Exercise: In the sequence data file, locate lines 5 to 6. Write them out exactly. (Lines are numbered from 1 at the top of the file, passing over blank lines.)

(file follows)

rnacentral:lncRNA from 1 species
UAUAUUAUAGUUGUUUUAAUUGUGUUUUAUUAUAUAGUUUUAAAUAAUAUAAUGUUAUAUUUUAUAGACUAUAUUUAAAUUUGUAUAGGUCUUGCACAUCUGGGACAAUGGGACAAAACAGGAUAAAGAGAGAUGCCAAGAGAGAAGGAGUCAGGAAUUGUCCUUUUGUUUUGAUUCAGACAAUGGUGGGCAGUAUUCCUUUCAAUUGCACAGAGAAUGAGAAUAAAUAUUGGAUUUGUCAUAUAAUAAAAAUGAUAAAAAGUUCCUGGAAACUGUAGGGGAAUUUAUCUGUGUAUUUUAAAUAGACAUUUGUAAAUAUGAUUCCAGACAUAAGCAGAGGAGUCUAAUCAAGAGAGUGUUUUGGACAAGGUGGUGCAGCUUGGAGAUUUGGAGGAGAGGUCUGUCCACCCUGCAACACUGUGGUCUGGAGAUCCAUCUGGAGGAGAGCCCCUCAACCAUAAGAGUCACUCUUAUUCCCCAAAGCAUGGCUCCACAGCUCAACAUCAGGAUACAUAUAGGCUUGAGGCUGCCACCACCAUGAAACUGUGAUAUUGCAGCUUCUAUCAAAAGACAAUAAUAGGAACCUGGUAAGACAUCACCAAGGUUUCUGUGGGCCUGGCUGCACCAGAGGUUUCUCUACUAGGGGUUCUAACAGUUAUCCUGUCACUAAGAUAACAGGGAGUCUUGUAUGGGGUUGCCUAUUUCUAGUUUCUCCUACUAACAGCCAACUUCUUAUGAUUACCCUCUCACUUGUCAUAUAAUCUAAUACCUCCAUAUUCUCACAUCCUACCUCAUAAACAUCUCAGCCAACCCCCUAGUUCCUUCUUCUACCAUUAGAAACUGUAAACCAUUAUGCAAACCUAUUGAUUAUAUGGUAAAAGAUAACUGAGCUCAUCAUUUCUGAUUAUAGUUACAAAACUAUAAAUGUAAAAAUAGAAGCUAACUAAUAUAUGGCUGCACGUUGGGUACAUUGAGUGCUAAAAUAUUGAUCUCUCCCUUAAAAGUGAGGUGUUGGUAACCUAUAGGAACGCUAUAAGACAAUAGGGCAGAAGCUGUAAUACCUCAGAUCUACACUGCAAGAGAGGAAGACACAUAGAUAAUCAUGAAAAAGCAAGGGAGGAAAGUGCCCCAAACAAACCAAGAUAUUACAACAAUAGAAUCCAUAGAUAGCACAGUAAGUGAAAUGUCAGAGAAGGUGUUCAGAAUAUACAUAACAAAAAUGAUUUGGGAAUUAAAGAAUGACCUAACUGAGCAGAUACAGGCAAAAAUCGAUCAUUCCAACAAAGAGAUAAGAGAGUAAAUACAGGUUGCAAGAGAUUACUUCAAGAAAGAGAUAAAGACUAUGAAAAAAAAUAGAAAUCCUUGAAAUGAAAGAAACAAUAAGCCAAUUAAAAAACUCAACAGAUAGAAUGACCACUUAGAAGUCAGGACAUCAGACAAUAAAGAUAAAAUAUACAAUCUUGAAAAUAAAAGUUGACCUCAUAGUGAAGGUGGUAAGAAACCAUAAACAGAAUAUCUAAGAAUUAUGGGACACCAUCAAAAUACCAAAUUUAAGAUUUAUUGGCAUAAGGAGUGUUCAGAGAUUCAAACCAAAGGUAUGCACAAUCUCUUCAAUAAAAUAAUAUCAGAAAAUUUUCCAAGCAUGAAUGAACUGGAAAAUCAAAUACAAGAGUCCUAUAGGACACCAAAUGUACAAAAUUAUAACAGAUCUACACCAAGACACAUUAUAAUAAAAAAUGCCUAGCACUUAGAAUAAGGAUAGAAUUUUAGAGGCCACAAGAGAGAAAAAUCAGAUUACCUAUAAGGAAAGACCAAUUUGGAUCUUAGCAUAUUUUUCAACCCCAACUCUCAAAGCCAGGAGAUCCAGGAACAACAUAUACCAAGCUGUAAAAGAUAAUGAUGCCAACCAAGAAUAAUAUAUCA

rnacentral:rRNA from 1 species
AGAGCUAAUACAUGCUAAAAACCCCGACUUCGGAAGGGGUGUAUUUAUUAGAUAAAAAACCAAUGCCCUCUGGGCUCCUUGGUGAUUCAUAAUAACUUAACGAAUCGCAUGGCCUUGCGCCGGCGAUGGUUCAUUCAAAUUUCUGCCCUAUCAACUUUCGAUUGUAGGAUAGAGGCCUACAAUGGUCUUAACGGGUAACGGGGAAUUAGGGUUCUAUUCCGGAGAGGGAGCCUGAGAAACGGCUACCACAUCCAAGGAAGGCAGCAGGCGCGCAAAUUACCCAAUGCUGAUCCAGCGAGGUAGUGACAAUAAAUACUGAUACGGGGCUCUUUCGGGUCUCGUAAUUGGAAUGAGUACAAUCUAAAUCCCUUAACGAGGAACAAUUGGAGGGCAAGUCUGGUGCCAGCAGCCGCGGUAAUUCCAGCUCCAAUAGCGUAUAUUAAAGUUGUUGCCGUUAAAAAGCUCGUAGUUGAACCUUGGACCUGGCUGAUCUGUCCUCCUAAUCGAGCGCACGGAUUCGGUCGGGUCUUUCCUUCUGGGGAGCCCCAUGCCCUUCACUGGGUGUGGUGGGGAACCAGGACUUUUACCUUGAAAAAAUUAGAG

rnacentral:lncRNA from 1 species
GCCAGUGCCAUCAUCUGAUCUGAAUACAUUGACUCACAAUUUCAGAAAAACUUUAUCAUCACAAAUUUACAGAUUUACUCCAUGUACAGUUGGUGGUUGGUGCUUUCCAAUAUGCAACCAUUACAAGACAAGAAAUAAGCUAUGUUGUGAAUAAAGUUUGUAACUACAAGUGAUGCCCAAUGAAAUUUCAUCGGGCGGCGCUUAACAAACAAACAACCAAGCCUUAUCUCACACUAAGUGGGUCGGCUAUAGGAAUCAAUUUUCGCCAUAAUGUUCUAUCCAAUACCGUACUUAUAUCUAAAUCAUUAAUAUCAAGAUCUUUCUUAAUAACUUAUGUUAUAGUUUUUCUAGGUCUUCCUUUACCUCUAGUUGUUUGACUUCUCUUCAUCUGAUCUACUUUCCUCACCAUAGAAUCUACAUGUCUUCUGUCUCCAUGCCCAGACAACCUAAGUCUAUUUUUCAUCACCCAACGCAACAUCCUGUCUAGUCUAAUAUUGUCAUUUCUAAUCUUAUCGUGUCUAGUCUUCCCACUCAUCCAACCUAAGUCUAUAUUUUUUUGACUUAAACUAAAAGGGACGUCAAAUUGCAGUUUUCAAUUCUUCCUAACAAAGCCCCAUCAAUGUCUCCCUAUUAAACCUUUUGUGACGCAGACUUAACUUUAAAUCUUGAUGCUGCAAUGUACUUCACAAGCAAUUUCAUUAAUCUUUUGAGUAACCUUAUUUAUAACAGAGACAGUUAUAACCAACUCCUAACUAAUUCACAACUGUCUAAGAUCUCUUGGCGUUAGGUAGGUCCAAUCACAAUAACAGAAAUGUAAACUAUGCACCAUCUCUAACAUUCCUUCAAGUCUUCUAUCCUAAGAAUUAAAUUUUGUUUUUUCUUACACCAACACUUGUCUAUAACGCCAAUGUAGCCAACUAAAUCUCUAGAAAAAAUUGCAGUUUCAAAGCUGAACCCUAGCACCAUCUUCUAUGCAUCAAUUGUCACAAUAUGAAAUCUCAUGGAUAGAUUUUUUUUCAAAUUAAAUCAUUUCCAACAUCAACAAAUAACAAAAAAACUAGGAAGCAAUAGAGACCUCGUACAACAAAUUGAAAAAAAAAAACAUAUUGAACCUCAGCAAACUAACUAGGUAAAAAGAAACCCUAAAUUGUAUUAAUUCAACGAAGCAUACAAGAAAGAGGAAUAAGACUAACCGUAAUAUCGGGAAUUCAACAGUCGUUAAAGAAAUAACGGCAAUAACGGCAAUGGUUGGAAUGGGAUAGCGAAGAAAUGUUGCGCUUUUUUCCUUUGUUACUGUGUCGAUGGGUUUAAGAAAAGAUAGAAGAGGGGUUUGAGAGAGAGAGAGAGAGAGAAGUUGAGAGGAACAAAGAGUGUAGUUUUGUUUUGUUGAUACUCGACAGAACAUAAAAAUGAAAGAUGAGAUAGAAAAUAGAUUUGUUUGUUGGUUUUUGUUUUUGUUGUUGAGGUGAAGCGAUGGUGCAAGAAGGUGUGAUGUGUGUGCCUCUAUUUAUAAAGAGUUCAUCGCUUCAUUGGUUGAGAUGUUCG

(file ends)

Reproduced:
rnacentral:lncRNA from 1 species
GCCAGUGCCAUCAUCUGAUCUGAAUACAUUGACUCACAAUUUCAGAAAAACUUUAUCAUCACAAAUUUACAGAUUUACUCCAUGUACAGUUGGUGGUUGGUGCUUUCCAAUAUGCAACCAUUACAAGACAAGAAAUAAGCUAUGUUGUGAAUAAAGUUUGUAACUACAAGUGAUGCCCAAUGAAAUUUCAUCGGGCGGCGCUUAACAAACAAACAACCAAGCCUUAUCUCACACUAAGUGGGUCGGCUAUAGGAAUCAAUUUUCGCCAUAAUGUUCUAUCCAAUACCGUACUUAUAUCUAAAUCAUUAAUAUCAAGAUCUUUCUUAAUAACUUAUGUUAUAGUUUUUCUAGGUCUUCCUUUACCUCUAGUUGUUUGACUUCUCUUCAUCUGAUCUACUUUCCUCACCAUAGAAUCUACAUGUCUUCUGUCUCCAUGCCCAGACAACCUAAGUCUAUUUUUCAUCACCCAACGCAACAUCCUGUCUAGUCUAAUAUUGUCAUUUCUAAUCUUAUCGUGUCUAGUCUUCCCACUCAUCCAACCUAAGUCUAUAUUUUUUUGACUUAAACUAAAAGGGACGUCAAAUUGCAGUUUUCAAUUCUUCCUAACAAAGCCCCAUCAAUGUCUCCCUAUUAAACCUUUUGUGACGCAGACUUAACUUUAAAUCUUGAUGCUGCAAUGUACUUCACAAGCAAUUUCAUUAAUCUUUUGAGUAACCUUAUUUAUAACAGAGACAGUUAUAACCAACUCCUAACUAAUUCACAACUGUCUAAGAUCUCUUGGCGUUAGGUAGGUCCAAUCACAAUAACAGAAAUGUAAACUAUGCACCAUCUCUAACAUUCCUUCAAGUCUUCUAUCCUAAGAAUUAAAUUUUGUUUUUUCUUACACCAACACUUGUCUAUAACGCCAAUGUAGCCAACUAAAUCUCUAGAAAAAAUUGCAGUUUCAAAGCUGAACCCUAGCACCAUCUUCUAUGCAUCAAUUGUCACAAUAUGAAAUCUCAUGGAUAGAUUUUUUUUCAAAUUAAAUCAUUUCCAACAUCAACAAAUAACAAAAAAACUAGGAAGCAAUAGAGACCUCGUACAACAAAUUGAAAAAAAAAAACAUAUUGAACCUCAGCAAACUAACUAGGUAAAAAGAAACCCUAAAUUGUAUUAAUUCAACGAAGCAUACAAGAAAGAGGAAUAAGACUAACCGUAAUAUCGGGAAUUCAACAGUCGUUAAAGAAAUAACGGCAAUAACGGCAAUGGUUGGAAUGGGAUAGCGAAGAAAUGUUGCGCUUUUUUCCUUUGUUACUGUGUCGAUGGGUUUAAGAAAAGAUAGAAGAGGGGUUUGAGAGAGAGAGAGAGAGAGAAGUUGAGAGGAACAAAGAGUGUAGUUUUGUUUUGUUGAUACUCGACAGAACAUAAAAAUGAAAGAUGAGAUAGAAAAUAGAUUUGUUUGUUGGUUUUUGUUUUUGUUGUUGAGGUGAAGCGAUGGUGCAAGAAGGUGUGAUGUGUGUGCCUCUAUUUAUAAAGAGUUCAUCGCUUCAUUGGUUGAGAUGUUCG